In their paper “What is the Chance of an Earthquake?”, David Freedman and Philip Stark argue for a pragmatic view of probabilistic modeling

Probability is just a property of a mathematical model intended to describe some features of the natural world. For the model to be useful, it must be shown to be in good correspondence with the system it describes.

“Good correspondence” seems like a reasonable requirement. And it’s one that anyone invoking a stochastic view of the world should be forced to justify.

So let me give some concrete examples where I strongly advocate for the application probability

Games of chance like roulette, backgammon, and poker. Obviously, you have a strategic leg-up if you play these games assuming their chance element can be modeled by a random number generator.

Randomized Algorithms are my personal favorite example. Computers can generate bit streams that look random for all intents and purposes. You can use these random numbers to perform computational tasks that are impossible (or at least much harder) than if you require determinism. In randomized algorithms, the coder has full control over the random element. The world could be completely deterministic and randomized algorithms would remain a powerful tool.

I view Randomized Controlled Trials as a randomized algorithm that intervenes in the physical world. Again, since the experimenter controls the randomness, there are reasonable inferences you can make on the outcome of the experiment based on probability. (Shout out to my design-based inference friends.)

Noise modeling in physics. It’s hard to argue against statistical mechanics when it works. Having worked with signals for decades, I have seen with my own eyes 1/f noise, Poisson noise, and Gaussian noise. Weirder phenomena like shot noise and Johnson noise also have high correspondence with observations. And these noise models are undeniably useful for engineering.

I could probably add more to the list, but these are definitely my top 4. I tried to think of a few more examples but became less certain of them as I tried to type them up. Let me know in the comments what I should add to this list.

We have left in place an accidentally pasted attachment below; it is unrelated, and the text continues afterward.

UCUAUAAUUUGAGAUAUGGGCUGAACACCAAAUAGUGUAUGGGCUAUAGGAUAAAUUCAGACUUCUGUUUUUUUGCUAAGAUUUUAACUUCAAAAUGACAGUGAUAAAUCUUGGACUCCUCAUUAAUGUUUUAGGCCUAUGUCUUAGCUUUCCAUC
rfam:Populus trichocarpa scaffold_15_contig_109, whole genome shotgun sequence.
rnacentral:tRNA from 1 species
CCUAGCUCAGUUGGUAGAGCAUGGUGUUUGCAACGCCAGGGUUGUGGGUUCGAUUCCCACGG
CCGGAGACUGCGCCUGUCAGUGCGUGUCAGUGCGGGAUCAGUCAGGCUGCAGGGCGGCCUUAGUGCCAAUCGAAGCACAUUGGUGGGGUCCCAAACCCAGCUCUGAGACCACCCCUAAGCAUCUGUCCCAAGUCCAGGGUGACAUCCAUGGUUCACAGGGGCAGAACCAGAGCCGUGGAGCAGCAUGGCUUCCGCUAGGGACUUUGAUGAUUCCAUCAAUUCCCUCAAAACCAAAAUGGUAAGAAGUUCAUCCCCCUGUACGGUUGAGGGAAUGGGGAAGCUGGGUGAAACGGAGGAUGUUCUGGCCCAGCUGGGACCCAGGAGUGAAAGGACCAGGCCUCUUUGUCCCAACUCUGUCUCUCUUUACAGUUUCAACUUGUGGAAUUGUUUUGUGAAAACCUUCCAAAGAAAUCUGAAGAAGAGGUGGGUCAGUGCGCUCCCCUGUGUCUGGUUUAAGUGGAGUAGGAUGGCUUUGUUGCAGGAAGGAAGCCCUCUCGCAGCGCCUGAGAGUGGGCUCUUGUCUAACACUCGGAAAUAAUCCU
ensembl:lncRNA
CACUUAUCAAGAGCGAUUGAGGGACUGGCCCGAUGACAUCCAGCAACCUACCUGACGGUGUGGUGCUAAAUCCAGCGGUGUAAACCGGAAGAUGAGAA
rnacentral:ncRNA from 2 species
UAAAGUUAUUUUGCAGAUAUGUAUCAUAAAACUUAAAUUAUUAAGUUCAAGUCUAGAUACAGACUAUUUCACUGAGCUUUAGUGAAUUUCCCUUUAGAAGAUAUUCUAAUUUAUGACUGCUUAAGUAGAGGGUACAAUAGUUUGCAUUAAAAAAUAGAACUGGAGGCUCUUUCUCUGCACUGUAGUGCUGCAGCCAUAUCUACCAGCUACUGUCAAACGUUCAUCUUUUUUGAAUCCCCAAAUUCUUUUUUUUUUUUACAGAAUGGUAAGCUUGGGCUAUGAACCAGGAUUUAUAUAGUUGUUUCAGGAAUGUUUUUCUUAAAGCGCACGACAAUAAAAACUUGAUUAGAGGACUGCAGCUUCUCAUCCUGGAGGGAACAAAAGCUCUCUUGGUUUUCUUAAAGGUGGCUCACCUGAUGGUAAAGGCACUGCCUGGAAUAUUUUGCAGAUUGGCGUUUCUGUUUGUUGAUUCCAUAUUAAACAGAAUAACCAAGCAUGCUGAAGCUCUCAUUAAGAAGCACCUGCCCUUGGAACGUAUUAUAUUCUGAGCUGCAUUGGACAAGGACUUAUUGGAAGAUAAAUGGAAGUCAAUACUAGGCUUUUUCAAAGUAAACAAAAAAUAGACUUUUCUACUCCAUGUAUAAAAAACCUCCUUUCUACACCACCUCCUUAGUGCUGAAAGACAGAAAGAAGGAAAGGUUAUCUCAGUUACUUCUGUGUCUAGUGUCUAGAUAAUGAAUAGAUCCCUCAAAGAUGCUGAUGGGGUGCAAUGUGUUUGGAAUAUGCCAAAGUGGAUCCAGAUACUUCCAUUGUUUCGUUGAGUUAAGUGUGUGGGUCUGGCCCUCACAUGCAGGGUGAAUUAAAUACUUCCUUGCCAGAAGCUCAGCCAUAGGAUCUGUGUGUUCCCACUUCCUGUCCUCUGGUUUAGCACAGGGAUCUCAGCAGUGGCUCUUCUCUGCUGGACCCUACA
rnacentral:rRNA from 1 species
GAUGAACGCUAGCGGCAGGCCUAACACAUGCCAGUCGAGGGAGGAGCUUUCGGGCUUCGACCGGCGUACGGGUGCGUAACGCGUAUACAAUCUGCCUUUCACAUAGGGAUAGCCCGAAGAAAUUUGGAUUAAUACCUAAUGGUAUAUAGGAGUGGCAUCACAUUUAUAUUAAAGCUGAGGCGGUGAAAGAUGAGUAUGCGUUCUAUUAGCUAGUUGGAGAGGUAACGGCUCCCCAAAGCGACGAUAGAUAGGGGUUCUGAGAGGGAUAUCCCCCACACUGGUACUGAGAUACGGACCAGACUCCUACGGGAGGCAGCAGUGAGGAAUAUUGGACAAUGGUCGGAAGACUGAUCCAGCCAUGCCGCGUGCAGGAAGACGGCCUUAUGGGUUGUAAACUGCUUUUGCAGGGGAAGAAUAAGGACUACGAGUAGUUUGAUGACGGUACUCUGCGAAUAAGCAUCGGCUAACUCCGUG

In *The Dappled World*, philosopher of science Nancy Cartwright argues that though physicists claim universal laws of nature, these laws only tightly hold in special situations. In controlled experiments, we can make precise predictions about motion, mass, and matter, but the exact extent of the applicability of fundamental laws diminishes as systems get more complex and complicated. This is why physicists think diatomic molecules have one too many atoms.

We need a dappled view of probability. No, let me say that differently, we *have* a dappled view of probability and we’d be less confused if we made it clear that there isn’t a cohesive notion of how probability manifests itself in the world.

There are the mathematical axioms of probability and measure theory. There is a "Frequentist" view probability concerning the outcome of repeatable experiments. There is the "Bayesian" probability concerning our subjective beliefs about outcomes. There are fractions of wholes, phrased as percentages. Each of these manifestations has a context where it helps to explain outcomes or quantify uncertainty. But switching between these viewpoints causes mostly confusion.

In future blogs, I’ll explore some of these loci of confusion.

Interesting post. I suppose one could argue that the Born rule in quantum physics has a special status when making a list like this. Also why is shot noise weirder than Poisson noise? Aren't they synonymous? Is cryptographic hashing considered a randomized algorithm? It is fully deterministic but generates something that largely behaves as if uniformly random (which itself is its highly useful deliverable).

only tangentially related but can you tell us if conformal prediction is the be all end all for UQ? feels like everything these days is conformal